According to the National Cancer Institute Office of Cancer Survivorship, a person is considered a cancer survivor from the day of their cancer diagnosis onward, for as long as they are alive.

The end of cancer treatment often conjures up a mix of emotions from relief to a sense of accomplishment and joy but may also provide a host of other feelings about what a patient has undergone on their journey. We’ve outlined the following resources may provide help you as you move forward.


National Cancer Survivors Day
Cancer Survivorship Issues

Cancer Survivorship


Cancer Services: The Cancer Dietitian
Blog and Recipe Resource written by a Registered Dietitian

Oncology Nutrition: The Academy of Nutrition and Dietetics
Eat Right to Fight Cancer: Resources for Nutrition by Registered Dietitians Cancer Survivorship Issues


American Cancer Society
Male Fertility and Cancer

American Cancer Society
Female Fertility and Cancer

The Oncofertility Consortium
Resources for fertility facilities

Thrive Cancer Fertility Network
The Mariposa Program: Financial assistance for fertility preservation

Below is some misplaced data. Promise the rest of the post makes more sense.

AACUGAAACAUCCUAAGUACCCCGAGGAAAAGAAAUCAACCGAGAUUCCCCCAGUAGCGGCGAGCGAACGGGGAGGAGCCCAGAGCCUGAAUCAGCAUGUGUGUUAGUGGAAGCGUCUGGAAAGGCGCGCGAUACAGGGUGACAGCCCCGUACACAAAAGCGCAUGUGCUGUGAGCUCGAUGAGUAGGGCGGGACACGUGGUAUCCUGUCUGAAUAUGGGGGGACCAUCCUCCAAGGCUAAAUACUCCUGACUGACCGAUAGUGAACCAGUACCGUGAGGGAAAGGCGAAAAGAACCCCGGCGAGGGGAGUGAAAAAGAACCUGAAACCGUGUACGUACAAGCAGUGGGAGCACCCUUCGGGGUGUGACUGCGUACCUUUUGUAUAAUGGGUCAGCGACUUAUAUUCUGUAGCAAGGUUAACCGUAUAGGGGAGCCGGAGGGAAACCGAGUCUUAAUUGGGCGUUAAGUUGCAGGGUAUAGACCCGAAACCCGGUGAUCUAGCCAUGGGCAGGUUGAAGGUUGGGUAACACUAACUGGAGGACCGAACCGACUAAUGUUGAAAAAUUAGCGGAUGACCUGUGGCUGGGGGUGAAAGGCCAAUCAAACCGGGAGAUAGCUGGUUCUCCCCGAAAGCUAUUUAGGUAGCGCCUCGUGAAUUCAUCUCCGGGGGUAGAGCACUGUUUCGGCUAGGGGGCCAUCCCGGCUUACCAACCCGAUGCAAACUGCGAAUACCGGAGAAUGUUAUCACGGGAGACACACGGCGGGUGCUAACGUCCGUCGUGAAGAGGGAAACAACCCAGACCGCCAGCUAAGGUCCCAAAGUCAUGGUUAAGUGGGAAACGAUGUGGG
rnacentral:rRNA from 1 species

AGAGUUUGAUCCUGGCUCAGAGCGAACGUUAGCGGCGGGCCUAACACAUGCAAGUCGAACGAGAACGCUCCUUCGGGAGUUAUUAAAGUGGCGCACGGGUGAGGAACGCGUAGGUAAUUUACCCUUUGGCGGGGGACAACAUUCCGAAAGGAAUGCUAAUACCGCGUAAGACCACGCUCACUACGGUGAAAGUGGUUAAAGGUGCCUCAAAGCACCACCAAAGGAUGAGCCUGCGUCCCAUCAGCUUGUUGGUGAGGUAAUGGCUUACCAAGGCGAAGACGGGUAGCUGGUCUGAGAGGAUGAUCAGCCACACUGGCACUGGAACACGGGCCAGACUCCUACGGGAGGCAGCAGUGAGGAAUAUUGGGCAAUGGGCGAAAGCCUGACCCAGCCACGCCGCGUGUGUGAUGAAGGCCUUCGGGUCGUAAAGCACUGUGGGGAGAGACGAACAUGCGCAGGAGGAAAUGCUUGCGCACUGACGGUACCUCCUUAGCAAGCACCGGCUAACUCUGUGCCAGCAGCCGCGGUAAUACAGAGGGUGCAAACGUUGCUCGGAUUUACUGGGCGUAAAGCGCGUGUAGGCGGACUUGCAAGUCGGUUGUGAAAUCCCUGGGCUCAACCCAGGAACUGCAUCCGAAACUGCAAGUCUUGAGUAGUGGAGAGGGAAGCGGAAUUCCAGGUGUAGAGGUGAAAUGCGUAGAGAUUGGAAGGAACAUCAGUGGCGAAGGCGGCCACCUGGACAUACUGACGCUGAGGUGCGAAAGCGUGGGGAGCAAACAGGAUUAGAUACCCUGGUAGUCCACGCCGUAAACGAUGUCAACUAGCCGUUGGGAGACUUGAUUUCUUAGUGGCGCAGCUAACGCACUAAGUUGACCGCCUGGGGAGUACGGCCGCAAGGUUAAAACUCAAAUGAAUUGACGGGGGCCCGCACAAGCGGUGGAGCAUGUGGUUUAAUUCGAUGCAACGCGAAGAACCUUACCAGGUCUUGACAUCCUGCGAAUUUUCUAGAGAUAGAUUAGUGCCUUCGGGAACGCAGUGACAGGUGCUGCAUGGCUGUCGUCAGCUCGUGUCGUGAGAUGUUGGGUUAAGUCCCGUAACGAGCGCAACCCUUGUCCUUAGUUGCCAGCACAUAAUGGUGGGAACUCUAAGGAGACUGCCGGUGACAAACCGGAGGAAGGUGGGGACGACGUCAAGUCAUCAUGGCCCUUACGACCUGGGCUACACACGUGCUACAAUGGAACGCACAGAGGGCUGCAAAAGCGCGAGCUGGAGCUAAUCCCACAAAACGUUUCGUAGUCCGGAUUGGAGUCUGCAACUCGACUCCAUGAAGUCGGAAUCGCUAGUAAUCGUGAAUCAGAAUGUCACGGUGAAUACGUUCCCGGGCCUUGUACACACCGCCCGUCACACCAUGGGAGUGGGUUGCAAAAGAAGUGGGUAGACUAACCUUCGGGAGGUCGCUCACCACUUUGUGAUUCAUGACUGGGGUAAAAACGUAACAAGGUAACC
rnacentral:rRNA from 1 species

Memorial Sloan Kettering Cancer Center
Improving Your Memory

Cozi Family Organizer
Multiple Calendar Organizer for Multiple Family Members

Peak Brain Games
Brain Training Game


Cancer Care
Emotional Concerns Overview

NIH Senior Health
Surviving Cancer: Changes in Emotions

Imerman Angels
Cancer Support Community

Cancer Support Community
Support Groups


Cancer + Careers
Resources for Career Development

Job Accommodation Network
Resource for Job Searches

Social Security Administration
Information about Ticket to Work (SSDI and employment)


Triage Cancer
Financial Resources

Leukemia and Lymphoma Society
Financial Support

Fifth Season Financial
Life Insurance Loans

Centers for Medicare and Medicaid Services
Medicare and Medicaid

Metastatic Breast Cancer
Info Center Breast Cancer Related Financial Information/Assistance

“My doctor shows kindness and she cares and answered all my questions.”
–Suzanna K.